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Re: Come a cropper

Posted by R. Berg on February 21, 2002

In Reply to: Come a cropper posted by Jim on February 20, 2002

: I heard this phrase used by a Brit member of a crew filming wildlife in Africa. Contextually, the phrase implied serious injury or death resulting from a mistake. The archives list the phrase in a thread on euphemisms for bungling. Is "come a cropper" just a euphemism for bungling or do other meanings exist?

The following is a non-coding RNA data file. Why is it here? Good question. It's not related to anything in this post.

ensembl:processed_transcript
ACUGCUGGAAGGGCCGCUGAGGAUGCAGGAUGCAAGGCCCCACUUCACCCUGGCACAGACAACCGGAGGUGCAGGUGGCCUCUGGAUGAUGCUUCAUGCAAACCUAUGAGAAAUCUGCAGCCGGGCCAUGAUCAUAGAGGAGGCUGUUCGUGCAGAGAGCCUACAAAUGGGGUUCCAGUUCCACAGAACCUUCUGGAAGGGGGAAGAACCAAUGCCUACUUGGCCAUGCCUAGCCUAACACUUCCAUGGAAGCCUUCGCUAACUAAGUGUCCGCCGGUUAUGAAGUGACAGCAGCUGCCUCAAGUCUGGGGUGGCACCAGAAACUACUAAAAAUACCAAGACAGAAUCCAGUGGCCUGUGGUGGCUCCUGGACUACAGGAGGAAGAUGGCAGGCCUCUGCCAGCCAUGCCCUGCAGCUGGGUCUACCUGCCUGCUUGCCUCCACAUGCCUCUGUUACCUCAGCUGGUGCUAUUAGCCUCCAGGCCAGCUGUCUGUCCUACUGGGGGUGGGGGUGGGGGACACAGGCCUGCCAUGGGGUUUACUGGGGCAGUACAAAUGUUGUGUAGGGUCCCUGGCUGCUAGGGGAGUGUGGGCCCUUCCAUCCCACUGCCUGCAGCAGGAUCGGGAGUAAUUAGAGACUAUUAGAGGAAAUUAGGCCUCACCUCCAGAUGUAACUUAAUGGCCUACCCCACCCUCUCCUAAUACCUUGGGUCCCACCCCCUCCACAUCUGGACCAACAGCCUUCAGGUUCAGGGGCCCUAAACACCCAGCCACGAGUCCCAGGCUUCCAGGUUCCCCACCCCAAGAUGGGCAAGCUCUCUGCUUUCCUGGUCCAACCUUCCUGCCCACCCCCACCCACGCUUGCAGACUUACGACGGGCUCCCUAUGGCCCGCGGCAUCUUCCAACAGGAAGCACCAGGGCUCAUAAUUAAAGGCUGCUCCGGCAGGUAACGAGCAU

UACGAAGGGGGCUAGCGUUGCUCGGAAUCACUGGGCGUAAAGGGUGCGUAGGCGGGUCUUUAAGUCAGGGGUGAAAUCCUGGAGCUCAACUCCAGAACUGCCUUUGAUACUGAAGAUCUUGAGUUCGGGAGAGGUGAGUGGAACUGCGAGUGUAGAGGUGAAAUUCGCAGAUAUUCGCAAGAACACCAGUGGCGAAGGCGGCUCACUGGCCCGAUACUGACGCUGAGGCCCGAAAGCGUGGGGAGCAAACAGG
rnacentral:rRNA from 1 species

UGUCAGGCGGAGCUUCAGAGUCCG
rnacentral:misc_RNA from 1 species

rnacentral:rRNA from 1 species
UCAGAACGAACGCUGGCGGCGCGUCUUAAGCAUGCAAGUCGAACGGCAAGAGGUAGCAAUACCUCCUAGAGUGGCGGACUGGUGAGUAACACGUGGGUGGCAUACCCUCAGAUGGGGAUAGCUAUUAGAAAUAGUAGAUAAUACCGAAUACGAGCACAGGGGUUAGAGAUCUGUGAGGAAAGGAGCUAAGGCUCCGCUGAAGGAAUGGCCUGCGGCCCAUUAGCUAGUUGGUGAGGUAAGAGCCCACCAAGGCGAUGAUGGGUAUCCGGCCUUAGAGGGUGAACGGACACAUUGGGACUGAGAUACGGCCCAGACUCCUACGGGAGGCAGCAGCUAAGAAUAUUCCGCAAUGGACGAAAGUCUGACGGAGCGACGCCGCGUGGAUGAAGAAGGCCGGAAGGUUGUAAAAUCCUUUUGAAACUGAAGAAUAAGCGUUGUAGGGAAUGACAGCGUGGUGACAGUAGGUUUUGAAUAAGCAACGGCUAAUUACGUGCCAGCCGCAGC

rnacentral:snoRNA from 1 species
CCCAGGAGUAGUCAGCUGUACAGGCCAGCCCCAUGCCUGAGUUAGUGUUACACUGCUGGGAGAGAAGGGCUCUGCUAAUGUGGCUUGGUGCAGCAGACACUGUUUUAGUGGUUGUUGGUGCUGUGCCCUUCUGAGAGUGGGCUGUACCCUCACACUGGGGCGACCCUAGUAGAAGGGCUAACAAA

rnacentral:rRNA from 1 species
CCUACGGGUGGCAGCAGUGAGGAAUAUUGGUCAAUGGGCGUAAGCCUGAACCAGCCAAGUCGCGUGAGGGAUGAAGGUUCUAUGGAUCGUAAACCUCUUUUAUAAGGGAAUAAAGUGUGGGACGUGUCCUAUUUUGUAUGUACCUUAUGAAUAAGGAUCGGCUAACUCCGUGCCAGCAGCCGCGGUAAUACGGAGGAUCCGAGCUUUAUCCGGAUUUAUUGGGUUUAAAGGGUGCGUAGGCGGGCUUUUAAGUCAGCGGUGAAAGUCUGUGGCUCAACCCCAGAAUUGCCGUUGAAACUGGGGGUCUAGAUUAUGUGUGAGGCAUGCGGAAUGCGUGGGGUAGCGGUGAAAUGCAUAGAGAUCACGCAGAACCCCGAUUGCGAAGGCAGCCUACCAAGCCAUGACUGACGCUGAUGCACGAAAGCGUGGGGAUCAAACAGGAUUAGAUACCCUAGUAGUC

It originated as a term for a bad fall.

Oxford Engl. Dict.:
CROPPER. [perh. from phrase "neck and crop."] A heavy fall; usually in phr. "come (fall, get) a cropper"; often fig.
1858 . . . [He] rode at an impracticable fence, and got a cropper for his pains. 1877 . . . My horse put his foot in a hole and came down a cropper.

NECK AND CROP [listed under NECK]: bodily, completely, altogether.

See also: the meaning and origin of 'come a cropper'.